IvanV wrote: ↑
Mon May 17, 2021 12:32 pm
I've only just found Scrutable. I used to be on BadScience several years ago, I think under this username, though I don't recall exactly. I'll blame long Covid brain fog. It's nice to see all the old names.
I once read a book called "Bad Thoughts: A guide to clear thinking" by Jamie Whyte, a Kiwi who has had a very varied career. He made a very useful distinction between two concepts he named as follows (not standard usage, particularly unfortunately in this case):
Terminology - well-defined terms of clear and agreed meaning within a discipline
Jargon - vague, often pretencious, words without standardised agreed meanings, popular with an in-group, whose main function is to exclude outsiders and disguise vacuity
In most scientific subjects, maths, etc, terminology is necessary. We don't want to have to waste everyone's time with a glossary in every article, when anyone who could understand the article uses the same words in the same way. We don't want to define anatomical terms at the start of every medical paper, for example. And they are absolutely necessary to the precision of what you are reading.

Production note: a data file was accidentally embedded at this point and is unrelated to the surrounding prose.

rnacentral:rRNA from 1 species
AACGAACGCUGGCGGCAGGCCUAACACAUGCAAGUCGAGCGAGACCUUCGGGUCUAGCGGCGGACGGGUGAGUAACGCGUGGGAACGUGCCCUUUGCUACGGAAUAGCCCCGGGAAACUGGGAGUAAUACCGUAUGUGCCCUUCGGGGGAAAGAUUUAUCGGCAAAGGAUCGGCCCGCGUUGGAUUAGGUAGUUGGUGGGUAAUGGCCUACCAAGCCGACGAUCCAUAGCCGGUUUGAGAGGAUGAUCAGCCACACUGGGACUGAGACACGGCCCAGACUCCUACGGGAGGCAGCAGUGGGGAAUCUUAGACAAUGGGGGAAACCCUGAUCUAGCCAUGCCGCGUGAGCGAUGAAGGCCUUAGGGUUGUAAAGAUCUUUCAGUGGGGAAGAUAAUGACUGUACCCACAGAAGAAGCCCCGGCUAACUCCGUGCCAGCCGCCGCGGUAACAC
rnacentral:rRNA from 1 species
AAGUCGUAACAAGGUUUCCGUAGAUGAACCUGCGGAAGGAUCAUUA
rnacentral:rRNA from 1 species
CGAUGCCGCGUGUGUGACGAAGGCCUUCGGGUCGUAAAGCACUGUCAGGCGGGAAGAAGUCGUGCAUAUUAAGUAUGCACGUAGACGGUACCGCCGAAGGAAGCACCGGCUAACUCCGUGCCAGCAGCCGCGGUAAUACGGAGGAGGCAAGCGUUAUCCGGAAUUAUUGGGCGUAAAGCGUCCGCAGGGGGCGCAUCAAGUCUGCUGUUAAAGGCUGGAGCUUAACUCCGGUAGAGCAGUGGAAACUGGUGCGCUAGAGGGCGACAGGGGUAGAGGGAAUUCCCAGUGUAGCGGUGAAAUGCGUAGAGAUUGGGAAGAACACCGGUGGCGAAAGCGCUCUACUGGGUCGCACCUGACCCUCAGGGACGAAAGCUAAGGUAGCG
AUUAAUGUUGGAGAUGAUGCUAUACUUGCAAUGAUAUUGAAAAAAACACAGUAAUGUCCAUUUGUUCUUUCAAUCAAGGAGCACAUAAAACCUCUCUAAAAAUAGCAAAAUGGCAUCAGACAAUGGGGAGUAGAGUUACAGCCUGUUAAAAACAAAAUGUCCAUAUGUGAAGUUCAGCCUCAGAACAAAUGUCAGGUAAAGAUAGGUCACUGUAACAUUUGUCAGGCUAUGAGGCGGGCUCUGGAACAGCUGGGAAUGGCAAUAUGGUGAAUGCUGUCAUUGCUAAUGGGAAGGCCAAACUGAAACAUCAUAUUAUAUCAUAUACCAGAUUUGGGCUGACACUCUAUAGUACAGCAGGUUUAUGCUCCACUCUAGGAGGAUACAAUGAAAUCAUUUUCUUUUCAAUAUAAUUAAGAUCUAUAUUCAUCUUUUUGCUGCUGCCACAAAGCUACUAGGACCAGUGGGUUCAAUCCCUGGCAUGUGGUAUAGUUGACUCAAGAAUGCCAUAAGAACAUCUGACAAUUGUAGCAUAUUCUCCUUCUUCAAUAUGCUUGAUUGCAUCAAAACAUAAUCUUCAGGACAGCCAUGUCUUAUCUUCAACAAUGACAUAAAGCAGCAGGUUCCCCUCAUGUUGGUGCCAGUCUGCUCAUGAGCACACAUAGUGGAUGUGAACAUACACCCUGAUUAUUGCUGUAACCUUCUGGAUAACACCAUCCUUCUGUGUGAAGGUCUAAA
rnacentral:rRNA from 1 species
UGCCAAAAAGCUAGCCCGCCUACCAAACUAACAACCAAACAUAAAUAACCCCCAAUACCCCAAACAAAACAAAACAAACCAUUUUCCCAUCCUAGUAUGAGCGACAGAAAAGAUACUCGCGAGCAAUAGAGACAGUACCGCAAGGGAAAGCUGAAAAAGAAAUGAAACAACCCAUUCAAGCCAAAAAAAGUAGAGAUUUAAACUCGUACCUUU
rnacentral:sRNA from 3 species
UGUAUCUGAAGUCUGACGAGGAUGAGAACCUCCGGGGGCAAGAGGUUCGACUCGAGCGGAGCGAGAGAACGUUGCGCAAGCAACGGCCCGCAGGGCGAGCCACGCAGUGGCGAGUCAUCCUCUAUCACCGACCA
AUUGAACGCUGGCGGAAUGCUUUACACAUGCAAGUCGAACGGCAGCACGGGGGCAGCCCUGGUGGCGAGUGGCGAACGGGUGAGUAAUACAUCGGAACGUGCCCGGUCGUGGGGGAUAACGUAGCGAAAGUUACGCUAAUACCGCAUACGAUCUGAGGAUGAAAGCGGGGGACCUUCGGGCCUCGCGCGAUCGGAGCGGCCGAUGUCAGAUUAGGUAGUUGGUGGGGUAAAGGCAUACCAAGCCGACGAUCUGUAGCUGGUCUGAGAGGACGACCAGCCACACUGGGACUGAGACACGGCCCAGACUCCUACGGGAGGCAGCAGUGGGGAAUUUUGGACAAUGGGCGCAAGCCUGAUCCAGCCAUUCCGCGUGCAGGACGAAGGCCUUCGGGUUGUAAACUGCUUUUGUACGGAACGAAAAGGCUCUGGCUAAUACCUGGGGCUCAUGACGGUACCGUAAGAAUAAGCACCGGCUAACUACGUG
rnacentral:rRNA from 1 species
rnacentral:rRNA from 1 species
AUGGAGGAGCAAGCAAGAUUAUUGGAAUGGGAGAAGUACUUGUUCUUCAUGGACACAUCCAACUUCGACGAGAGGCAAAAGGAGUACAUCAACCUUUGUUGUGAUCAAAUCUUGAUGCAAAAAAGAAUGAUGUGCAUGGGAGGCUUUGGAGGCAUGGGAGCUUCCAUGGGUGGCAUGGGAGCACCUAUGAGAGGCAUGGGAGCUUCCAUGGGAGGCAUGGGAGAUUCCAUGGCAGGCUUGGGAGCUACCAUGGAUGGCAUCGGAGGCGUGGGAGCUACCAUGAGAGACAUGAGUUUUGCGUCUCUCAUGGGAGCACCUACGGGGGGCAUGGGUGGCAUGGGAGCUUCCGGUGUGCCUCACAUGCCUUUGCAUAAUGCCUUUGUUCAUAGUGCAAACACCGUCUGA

The Sokal Hoax demonstrated that you could dress up complete rubbish with the fashionable pretencious jargon of the discipline, and it is so impenetrable that even journal editors would fail to spot you were taking the mickey.
The situation is not quite as black and white as Whyte tries to make it look. There's well-known terminology, and less well-known terminology which is less necessary, used only in a narrow area, and doesn't necessarily aid understanding and compactness. And there's well-known jargon, which isn't a problem provided you aren't making precise statements. But my guess is that what this is about is more towards the jargon than the terminology end of the spectrum, as Whyte defines them.